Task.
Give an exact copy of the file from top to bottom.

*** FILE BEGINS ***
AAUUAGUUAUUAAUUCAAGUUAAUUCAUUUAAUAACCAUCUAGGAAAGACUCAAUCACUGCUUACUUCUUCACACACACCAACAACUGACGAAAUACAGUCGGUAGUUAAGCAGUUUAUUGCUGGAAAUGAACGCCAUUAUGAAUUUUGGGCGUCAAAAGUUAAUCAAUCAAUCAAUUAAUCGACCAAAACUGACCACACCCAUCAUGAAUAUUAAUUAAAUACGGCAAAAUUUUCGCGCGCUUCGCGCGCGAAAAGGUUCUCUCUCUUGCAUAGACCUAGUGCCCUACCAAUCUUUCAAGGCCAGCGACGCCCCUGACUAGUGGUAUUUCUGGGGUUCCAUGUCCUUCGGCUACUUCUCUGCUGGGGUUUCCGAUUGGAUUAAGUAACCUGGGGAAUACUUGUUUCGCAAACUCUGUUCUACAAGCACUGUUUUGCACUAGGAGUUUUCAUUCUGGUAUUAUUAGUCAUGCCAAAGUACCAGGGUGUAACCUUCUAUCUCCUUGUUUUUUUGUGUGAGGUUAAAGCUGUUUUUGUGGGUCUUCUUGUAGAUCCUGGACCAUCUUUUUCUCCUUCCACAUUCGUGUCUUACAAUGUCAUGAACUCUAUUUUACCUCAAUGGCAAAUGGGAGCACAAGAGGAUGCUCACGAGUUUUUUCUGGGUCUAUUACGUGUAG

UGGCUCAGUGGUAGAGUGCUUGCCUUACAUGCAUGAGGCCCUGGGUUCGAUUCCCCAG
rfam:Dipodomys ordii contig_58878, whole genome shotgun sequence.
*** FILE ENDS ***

AAUUAGUUAUUAAUUCAAGUUAAUUCAUUUAAUAACCAUCUAGGAAAGACUCAAUCACUGCUUACUUCUUCACACACACCAACAACUGACGAAAUACAGUCGGUAGUUAAGCAGUUUAUUGCUGGAAAUGAACGCCAUUAUGAAUUUUGGGCGUCAAAAGUUAAUCAAUCAAUCAAUUAAUCGACCAAAACUGACCACACCCAUCAUGAAUAUUAAUUAAAUACGGCAAAAUUUUCGCGCGCUUCGCGCGCGAAAAGGUUCUCUCUCUUGCAUAGACCUAGUGCCCUACCAAUCUUUCAAGGCCAGCGACGCCCCUGACUAGUGGUAUUUCUGGGGUUCCAUGUCCUUCGGCUACUUCUCUGCUGGGGUUUCCGAUUGGAUUAAGUAACCUGGGGAAUACUUGUUUCGCAAACUCUGUUCUACAAGCACUGUUUUGCACUAGGAGUUUUCAUUCUGGUAUUAUUAGUCAUGCCAAAGUACCAGGGUGUAACCUUCUAUCUCCUUGUUUUUUUGUGUGAGGUUAAAGCUGUUUUUGUGGGUCUUCUUGUAGAUCCUGGACCAUCUUUUUCUCCUUCCACAUUCGUGUCUUACAAUGUCAUGAACUCUAUUUUACCUCAAUGGCAAAUGGGAGCACAAGAGGAUGCUCACGAGUUUUUUCUGGGUCUAUUACGUGUAG

UGGCUCAGUGGUAGAGUGCUUGCCUUACAUGCAUGAGGCCCUGGGUUCGAUUCCCCAG
rfam:Dipodomys ordii contig_58878, whole genome shotgun sequence.